.38 Long Colt

Discussion in 'Centerfire Pistols & Revolvers' started by ncamountaindriver, Feb 15, 2010.

  1. ncamountaindriver

    ncamountaindriver New Member

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    a little help please!

    I have my fathers' old 38 Long Colt in a Spanish copy of a S&W (the makers are Beistegui Bros. - I understand they are still in business - sort 'a). The gun is from the 1930's and is in fine shape. I also have about ten loads of old un-shot cartridges. I am well knowledgeable to reloading though most of my experience is in reloading my old and my modern cartridge and cap'n'ball pieces in black powder (I love the smell!)
    My question is:
    the old gun measures at the muzzle approx. .346. The old ammo measures approx. .348. Two different slugged balls measure approx .348. The measurements are with both a vernier caliper and a 'C' micrometer. However, all info I can get off the net says a 38 Long Colt (the modern style- not the older "heeled" bullet) should be mic-ing in at about .357. What gives! Could this discrepancy be because of the poorer quality of a spanish-made gun? (though every thing else about the pistol appears high-quality, even inside milling marks and components). Can I use a soft-lead .356 cast bullet for my hand loads over Black Powder even w/ this 8/1000's difference and not be in danger? I hear warning bells going of fin my head but don't have enough experience to know how close a bullet needs to be sized to a slugged dimension. Any help will be appreciated. Thanks.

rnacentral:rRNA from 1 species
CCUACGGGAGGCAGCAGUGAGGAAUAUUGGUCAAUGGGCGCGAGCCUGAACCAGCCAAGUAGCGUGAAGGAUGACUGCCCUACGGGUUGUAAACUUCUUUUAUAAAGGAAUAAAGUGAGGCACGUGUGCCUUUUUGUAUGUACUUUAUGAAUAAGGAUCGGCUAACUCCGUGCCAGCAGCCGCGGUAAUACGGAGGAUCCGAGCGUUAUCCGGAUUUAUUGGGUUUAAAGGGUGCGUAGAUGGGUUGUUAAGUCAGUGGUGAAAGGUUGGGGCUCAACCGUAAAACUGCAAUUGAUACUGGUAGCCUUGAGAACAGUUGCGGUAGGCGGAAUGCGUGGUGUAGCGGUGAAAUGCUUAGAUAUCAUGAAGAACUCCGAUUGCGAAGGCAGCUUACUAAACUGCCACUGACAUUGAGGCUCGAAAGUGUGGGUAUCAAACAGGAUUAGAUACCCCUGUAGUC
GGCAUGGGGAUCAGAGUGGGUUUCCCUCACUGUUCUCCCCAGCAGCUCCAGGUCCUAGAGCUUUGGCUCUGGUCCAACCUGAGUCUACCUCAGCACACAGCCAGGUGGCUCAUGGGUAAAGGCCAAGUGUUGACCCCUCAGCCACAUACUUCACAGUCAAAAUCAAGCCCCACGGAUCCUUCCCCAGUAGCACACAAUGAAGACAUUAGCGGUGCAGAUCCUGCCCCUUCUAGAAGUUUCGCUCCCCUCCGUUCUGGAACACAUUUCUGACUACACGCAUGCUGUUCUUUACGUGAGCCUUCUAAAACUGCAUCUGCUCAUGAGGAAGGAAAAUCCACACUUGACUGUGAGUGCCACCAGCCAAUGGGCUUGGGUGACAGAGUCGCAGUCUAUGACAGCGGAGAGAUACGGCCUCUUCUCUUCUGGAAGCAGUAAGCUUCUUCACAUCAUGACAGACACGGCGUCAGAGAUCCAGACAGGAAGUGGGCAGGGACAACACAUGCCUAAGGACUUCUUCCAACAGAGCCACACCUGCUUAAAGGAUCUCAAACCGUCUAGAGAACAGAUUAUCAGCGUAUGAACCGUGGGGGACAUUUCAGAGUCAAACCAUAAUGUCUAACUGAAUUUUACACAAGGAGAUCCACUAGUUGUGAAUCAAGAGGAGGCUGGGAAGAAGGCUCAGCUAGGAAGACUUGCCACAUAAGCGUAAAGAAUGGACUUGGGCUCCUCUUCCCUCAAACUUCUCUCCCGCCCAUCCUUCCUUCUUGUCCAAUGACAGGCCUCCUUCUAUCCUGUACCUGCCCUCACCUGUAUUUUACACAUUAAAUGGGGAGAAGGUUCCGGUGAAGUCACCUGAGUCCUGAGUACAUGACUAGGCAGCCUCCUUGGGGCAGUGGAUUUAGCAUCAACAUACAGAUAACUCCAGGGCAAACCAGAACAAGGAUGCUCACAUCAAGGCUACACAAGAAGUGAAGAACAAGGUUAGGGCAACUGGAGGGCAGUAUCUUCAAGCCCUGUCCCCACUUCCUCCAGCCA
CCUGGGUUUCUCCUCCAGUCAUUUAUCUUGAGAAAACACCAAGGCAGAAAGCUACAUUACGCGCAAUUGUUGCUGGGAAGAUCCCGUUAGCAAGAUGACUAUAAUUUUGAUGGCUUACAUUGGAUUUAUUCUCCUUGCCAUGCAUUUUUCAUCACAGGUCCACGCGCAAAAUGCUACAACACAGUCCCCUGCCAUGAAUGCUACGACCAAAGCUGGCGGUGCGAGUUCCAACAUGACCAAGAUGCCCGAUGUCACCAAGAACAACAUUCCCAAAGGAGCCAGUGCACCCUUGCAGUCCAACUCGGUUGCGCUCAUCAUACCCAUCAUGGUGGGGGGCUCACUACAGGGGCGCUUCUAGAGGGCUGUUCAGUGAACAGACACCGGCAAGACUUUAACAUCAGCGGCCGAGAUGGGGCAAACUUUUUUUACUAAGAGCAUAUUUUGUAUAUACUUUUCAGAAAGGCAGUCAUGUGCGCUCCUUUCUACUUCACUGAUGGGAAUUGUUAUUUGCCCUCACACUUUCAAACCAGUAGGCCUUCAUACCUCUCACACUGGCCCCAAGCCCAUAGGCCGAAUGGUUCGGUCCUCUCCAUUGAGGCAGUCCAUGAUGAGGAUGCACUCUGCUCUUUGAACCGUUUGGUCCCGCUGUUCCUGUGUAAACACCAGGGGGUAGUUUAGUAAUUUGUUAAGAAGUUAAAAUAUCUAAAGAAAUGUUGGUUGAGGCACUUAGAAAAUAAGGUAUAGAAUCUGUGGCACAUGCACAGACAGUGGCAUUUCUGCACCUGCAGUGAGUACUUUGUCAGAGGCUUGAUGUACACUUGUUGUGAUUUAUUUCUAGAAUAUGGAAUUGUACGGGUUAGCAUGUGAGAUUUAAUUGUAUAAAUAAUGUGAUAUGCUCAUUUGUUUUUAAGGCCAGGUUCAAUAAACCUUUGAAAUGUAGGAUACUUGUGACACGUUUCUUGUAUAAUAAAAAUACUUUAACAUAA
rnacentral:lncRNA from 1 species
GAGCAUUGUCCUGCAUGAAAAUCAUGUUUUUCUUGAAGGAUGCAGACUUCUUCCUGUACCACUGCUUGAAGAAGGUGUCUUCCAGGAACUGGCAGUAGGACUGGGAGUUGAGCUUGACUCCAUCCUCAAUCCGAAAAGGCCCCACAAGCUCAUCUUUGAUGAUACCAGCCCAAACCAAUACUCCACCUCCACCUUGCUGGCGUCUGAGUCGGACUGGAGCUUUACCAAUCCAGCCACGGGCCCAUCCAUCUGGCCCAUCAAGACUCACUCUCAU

2. BETH

    BETH Well-Known Member

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    pictures please
  3. old semperfi

    old semperfi New Member

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    i live in southern indiana,old country boy at hear
    I WILL TRY TO HELP BUT FIRST I HAVE NEVER SLUGGED A BARREL WITH ANYTHING BUT A SOFT WADCUTTER BULLET,THESE MUST BE 100 PERCENT LEAD,NOT ALLOY.IM NOT SURE YOU CAN DO IT PROPERLY WITH A ROUND BALL.THE OTHER THING I WOULD SUGGEST IS TO REMOVE A BULLET FROM ONE OF THE ORIGINAL ROUNDS AND MIC IT......I WOULD NOT SUGGEST YOU SHOOT ANYTHING THAT IS 8 THOUSANDS OVER....THE ONLY OTHER THING I WOULD RECCOMEND IS TO TAKE MIC TO GUN STORE AND MIC AS MANY OTHER BRANDS AS POSSIBLE.......SHORT OF RELOADING AND PURCHASING A RESIZING DIE FOR BULLETS YOU MAYBE STUCK.I HOPE SOMEBODY ELSE COMES UP WITH A SOLUTION. OLD SEMPERFI
  4. Alpo

    Alpo Well-Known Member

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    I can think of three possible reasons why you are coming up with the measurements you are.

    Either, you have an even number of lands and grooves, but you are measuring where I've drawn the black line, instead of where the red line is (which is where you should measure). If this is what you are doing, measure it the other way, like the red line.

    Or you have an odd number of lands and grooves, like in the second picture. They are a royal pain in the tuchus to measure. If this is the problem, measure the red line and then measure the black line, and subtract them. Whatever the different is, double it and add it to the black line.

    Or, possibly, your barrel is so leaded up that you can't get a good measurement. If this is it, clean the heck out of the barrel.

    Attached Files:

  5. ncamountaindriver

    ncamountaindriver New Member